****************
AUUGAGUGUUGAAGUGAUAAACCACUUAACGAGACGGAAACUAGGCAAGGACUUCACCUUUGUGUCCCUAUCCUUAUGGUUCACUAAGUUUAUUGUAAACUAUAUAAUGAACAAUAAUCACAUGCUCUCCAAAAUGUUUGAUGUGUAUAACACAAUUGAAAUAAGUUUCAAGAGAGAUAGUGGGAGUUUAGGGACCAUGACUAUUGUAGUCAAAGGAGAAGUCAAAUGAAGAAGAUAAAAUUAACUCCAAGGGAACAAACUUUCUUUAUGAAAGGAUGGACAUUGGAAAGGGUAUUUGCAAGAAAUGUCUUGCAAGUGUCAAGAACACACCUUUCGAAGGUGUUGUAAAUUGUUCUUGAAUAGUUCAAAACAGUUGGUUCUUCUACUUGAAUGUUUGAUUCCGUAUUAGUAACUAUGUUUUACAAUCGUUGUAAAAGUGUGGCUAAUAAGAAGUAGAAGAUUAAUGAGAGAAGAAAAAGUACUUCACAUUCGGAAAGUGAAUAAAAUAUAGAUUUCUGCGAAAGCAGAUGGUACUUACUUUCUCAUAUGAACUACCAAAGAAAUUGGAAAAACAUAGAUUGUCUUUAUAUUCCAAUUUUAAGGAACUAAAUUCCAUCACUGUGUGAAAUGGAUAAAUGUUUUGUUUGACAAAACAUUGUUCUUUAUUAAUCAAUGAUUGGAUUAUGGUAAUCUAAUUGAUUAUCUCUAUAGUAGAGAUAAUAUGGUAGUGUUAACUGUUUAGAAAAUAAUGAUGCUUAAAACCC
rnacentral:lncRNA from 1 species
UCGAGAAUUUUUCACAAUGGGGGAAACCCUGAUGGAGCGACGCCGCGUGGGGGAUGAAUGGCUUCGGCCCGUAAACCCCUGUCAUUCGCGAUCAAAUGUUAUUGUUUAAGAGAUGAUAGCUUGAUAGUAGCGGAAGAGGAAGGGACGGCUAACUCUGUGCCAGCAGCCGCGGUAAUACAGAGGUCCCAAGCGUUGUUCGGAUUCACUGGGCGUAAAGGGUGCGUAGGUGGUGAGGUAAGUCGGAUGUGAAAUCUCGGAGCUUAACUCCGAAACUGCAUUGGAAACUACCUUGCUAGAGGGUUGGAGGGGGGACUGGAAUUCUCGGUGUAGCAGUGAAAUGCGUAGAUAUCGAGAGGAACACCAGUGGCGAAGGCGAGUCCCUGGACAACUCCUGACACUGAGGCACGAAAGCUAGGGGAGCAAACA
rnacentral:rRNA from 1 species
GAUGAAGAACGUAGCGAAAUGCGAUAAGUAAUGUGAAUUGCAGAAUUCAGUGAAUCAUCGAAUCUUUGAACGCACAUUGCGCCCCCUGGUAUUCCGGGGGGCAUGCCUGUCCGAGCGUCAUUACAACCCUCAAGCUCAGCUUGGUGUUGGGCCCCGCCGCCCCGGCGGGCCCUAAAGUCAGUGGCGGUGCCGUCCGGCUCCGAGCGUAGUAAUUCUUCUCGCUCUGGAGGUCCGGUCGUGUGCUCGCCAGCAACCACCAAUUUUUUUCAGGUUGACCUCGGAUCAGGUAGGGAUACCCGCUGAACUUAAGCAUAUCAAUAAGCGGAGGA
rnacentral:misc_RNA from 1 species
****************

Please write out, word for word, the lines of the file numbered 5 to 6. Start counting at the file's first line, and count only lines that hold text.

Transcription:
GAUGAAGAACGUAGCGAAAUGCGAUAAGUAAUGUGAAUUGCAGAAUUCAGUGAAUCAUCGAAUCUUUGAACGCACAUUGCGCCCCCUGGUAUUCCGGGGGGCAUGCCUGUCCGAGCGUCAUUACAACCCUCAAGCUCAGCUUGGUGUUGGGCCCCGCCGCCCCGGCGGGCCCUAAAGUCAGUGGCGGUGCCGUCCGGCUCCGAGCGUAGUAAUUCUUCUCGCUCUGGAGGUCCGGUCGUGUGCUCGCCAGCAACCACCAAUUUUUUUCAGGUUGACCUCGGAUCAGGUAGGGAUACCCGCUGAACUUAAGCAUAUCAAUAAGCGGAGGA
rnacentral:misc_RNA from 1 species